Hard as it is to believe, a squeeze of Palmolive, a sponge and drying rack were once the only items necessary in order to tackle a sink full of dirty dishes or a tower of food-encrusted pots and pans.

Of course, technology was to change all that. The first functional dishwasher was presented to the nation at the Chicago World’s Fair by its inventor, Josephine Cochrane, in 1893 — although it took until the 1950’s for dishwashers to become widely available to the public.

Now, more than a century after introducing her hand-powered contraption, Cochrane probably would recognize little of her original invention in the sleek, streamlined units gracing contemporary kitchens.

New developments in dishwasher technology — such as digital controls, programmable wash options and automatic sensors – have appeared in response to consumer demand for dishwashers that are  ever more convenient, hygienic, energy-efficient and effective.

Liquid Assets: Water-Saving Options

A growing appreciation and concern for the environment seems to be reflected by the increased popularity of eco-friendly Energy Star dishwashers, classified as those that are  12 percent more water-efficient and 10 percent more energy-efficient than existing federal energy standards dictate.

Manufacturers also offer a variety of environmentally-friendly options. Kitchen Aid recently unveiled its innovative Aquasense feature, in which recycled water from previous loads is used in the pre-rinse cycle. Fresh water is used in the actual cleaning process,so there is no compromise of safety or hygiene. The result: a dishwasher that uses a third less water than other models.

Assorted other companies, including Whirlpool, have developed sensors that can determine how heavily soiled the dishes are, and allocate just the right amount of water to clean them, with no waste or overuse.

They’ve Got the Power: Electricity-Saving Options

Perhaps the most inventive power-saving feature to date is the Zeolite technology by Bosch, in which microporousaluminosilicate zeolite crystals warm the dishwasher’s interior during the drying cycle, resulting in an electricity-free method of heating that dries dishes within minutes.  Although currently available only in Europe, these innovative appliances are expected to sell briskly once they are offered for sale in the United States.

Other thrifty features, currently available in many American-made dishwashers, include programmable delayed start times – which can save money by triggering the machine to start after midnight or at other off-peak times, when rates for electricity are lower – and options for air-dry cycles.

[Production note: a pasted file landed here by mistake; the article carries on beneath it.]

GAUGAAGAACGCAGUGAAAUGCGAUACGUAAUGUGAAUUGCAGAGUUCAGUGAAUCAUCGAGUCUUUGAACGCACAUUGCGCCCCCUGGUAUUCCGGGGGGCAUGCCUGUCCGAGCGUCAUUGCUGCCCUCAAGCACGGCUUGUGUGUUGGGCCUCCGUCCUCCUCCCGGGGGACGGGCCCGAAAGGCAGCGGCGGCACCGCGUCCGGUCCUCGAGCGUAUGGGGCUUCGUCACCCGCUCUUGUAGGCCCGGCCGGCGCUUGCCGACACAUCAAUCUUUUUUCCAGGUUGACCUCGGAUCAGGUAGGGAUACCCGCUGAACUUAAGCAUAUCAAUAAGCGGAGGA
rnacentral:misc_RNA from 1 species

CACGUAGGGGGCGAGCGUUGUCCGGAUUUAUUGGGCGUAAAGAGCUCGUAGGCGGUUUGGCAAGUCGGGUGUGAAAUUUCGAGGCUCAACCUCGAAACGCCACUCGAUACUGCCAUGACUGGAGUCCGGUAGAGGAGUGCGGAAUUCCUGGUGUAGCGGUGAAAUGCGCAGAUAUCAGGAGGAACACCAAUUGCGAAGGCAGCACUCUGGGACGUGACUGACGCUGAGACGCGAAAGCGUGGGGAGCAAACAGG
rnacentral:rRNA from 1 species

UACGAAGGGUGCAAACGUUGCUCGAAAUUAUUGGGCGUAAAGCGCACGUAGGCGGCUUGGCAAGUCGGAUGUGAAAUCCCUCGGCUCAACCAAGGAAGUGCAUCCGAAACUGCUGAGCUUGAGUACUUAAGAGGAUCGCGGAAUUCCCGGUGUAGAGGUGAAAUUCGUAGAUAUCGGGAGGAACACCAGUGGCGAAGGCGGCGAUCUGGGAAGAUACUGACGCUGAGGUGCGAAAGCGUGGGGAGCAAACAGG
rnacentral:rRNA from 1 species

Going Undercover

The overwhelming popularity of the “open” floor plan — in which kitchen and living areas segue seamlessly into one another – has caused the kitchen and its workspaces to be more visible from other parts of the home, and created a trend towards sleek, uncluttered-looking design, as well as demand for kitchen appliances that look like furniture. Wood-paneled dishwashers that blend into the cabinetry are surging in popularity; many have concealed buttons, hidden displays and minimal hardware to preserve the appearance of seamlessness.Also popular are two-level “drawer” dishwashers, in which dishes can be both washed and stored. Extra-deep drawers provide plenty of clearance for oversize pots and pans.

All in a Spray’s Work: More Cleaning Power

Not to be overlooked, of course, is the dishwasher’s ability to produce sparkling dishes and glassware. The hard-working Frigidaire Gallery features an OrbitClean rotating spray arm, which the manufacturer claims can deliver four times better water coverage than its competitors, along with quicker drying time. Not to be outdone, GE dishwashers now feature special bottle-washing jets, specifically designed to clean long, narrow  items such as sports bottles and baby bottles.

Taking Control: Programmable Options

Finally, the newer contemporary dishwashers put the consumer in control with a wealth of data and programmable options.The Frigidaire Gallery, for example, features a digital display that indicates how much time is left in the cycle, and whether the machine is washing or drying at the moment. It also offers four different wash cycles — including Energy Saver and Quick Clean — three different settings for spray intensity, and three settings for drying temperature, along with a programmable wash delay. When you find the ideal parameters, you can recall the specific settings with the Favorite Cycle feature button.

Some dishwashers even rely on alternate means of communication. Thermador has arrived at a novel way in which to indicate the cycle the dishwasher is in—a beam of light is projected and displayed onto the kitchen floor. When the dishwasher’s door is opened, the interior glows sapphire.

You have to wonder what Josephine Cochrane, inventor of the early dishwasher, would think of that. Enjoy!

About the Author

Molly Hilton is the owner of Renaissance Painters in Toronto and has devoted more than 30 years to home renovation, painting, and custom home building. Her unique design concepts bring homes to life with colours and unique pieces that are artfully placed to draw attention to the most powerful and distinctive features of a home.